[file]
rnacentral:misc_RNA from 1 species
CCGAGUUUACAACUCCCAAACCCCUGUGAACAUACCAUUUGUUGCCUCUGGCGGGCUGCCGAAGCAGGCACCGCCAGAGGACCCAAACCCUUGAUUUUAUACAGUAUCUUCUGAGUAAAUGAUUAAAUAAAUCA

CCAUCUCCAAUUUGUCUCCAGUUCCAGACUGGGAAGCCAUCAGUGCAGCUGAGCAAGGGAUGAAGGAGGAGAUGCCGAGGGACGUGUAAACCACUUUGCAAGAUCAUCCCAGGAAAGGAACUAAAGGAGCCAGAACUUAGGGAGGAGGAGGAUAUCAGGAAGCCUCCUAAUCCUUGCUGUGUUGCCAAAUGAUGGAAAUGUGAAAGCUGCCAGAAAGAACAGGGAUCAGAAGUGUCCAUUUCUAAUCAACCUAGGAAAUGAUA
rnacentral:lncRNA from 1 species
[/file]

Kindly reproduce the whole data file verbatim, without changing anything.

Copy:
rnacentral:misc_RNA from 1 species
CCGAGUUUACAACUCCCAAACCCCUGUGAACAUACCAUUUGUUGCCUCUGGCGGGCUGCCGAAGCAGGCACCGCCAGAGGACCCAAACCCUUGAUUUUAUACAGUAUCUUCUGAGUAAAUGAUUAAAUAAAUCA

CCAUCUCCAAUUUGUCUCCAGUUCCAGACUGGGAAGCCAUCAGUGCAGCUGAGCAAGGGAUGAAGGAGGAGAUGCCGAGGGACGUGUAAACCACUUUGCAAGAUCAUCCCAGGAAAGGAACUAAAGGAGCCAGAACUUAGGGAGGAGGAGGAUAUCAGGAAGCCUCCUAAUCCUUGCUGUGUUGCCAAAUGAUGGAAAUGUGAAAGCUGCCAGAAAGAACAGGGAUCAGAAGUGUCCAUUUCUAAUCAACCUAGGAAAUGAUA
rnacentral:lncRNA from 1 species